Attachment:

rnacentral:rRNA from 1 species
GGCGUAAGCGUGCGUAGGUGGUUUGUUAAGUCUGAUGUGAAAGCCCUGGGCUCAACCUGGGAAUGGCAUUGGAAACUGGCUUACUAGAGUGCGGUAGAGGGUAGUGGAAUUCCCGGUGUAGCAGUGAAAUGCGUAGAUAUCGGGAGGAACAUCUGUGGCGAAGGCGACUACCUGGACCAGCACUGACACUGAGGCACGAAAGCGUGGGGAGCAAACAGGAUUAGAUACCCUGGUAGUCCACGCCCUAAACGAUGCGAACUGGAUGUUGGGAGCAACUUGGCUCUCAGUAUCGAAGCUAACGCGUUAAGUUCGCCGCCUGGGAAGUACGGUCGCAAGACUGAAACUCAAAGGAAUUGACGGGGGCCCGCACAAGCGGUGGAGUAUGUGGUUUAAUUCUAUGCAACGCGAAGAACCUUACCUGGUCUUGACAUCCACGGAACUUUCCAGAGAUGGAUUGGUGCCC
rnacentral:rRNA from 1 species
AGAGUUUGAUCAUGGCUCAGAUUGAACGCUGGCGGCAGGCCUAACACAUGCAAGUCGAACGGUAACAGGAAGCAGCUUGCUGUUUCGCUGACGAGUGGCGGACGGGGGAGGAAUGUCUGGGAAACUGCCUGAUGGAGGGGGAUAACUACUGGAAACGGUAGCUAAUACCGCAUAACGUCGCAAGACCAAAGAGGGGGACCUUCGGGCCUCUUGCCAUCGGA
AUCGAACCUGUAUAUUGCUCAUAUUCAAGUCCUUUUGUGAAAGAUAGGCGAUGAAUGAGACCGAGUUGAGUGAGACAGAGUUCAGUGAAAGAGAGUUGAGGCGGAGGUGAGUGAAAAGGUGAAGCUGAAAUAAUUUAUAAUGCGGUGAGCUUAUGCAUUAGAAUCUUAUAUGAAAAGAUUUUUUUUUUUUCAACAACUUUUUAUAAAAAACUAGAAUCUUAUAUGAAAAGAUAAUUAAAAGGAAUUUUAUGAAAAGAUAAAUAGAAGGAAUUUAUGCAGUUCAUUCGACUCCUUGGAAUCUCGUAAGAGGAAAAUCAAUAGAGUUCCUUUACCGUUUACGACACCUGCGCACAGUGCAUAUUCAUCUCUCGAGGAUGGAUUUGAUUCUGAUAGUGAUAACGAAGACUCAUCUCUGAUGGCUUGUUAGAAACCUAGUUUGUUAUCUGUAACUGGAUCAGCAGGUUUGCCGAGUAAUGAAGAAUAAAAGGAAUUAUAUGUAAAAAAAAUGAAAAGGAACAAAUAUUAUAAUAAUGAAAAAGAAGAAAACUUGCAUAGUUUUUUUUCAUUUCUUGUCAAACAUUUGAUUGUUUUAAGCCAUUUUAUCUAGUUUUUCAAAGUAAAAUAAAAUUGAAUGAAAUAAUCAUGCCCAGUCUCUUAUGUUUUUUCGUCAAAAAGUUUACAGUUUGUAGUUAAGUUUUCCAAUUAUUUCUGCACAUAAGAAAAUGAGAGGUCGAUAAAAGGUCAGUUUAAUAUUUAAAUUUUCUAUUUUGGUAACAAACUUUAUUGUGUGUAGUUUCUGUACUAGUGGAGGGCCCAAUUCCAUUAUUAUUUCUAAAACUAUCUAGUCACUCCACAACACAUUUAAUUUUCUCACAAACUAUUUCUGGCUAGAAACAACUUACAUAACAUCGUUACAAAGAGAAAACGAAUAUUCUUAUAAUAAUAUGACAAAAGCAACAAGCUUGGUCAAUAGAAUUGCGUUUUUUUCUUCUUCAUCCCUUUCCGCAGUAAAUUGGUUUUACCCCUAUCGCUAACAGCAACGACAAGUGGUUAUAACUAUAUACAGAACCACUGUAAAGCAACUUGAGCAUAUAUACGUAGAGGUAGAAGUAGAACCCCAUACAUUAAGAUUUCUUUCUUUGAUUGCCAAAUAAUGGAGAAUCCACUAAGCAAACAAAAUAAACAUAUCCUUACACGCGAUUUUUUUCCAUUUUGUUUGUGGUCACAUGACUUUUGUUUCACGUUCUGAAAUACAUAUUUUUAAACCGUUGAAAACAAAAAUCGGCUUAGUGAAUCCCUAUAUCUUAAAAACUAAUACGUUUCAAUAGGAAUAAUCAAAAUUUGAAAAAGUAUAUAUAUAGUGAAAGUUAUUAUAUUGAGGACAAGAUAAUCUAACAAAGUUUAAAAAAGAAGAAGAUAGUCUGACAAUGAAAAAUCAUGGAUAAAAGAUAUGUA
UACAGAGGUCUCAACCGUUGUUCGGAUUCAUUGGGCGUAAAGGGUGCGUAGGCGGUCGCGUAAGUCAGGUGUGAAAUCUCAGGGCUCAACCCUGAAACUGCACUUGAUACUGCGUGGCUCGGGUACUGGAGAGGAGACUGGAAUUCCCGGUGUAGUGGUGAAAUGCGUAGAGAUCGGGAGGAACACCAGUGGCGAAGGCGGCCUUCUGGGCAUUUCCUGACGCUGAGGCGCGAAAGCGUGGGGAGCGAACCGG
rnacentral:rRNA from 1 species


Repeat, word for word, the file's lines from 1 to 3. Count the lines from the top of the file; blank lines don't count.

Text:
rnacentral:rRNA from 1 species
GGCGUAAGCGUGCGUAGGUGGUUUGUUAAGUCUGAUGUGAAAGCCCUGGGCUCAACCUGGGAAUGGCAUUGGAAACUGGCUUACUAGAGUGCGGUAGAGGGUAGUGGAAUUCCCGGUGUAGCAGUGAAAUGCGUAGAUAUCGGGAGGAACAUCUGUGGCGAAGGCGACUACCUGGACCAGCACUGACACUGAGGCACGAAAGCGUGGGGAGCAAACAGGAUUAGAUACCCUGGUAGUCCACGCCCUAAACGAUGCGAACUGGAUGUUGGGAGCAACUUGGCUCUCAGUAUCGAAGCUAACGCGUUAAGUUCGCCGCCUGGGAAGUACGGUCGCAAGACUGAAACUCAAAGGAAUUGACGGGGGCCCGCACAAGCGGUGGAGUAUGUGGUUUAAUUCUAUGCAACGCGAAGAACCUUACCUGGUCUUGACAUCCACGGAACUUUCCAGAGAUGGAUUGGUGCCC
rnacentral:rRNA from 1 species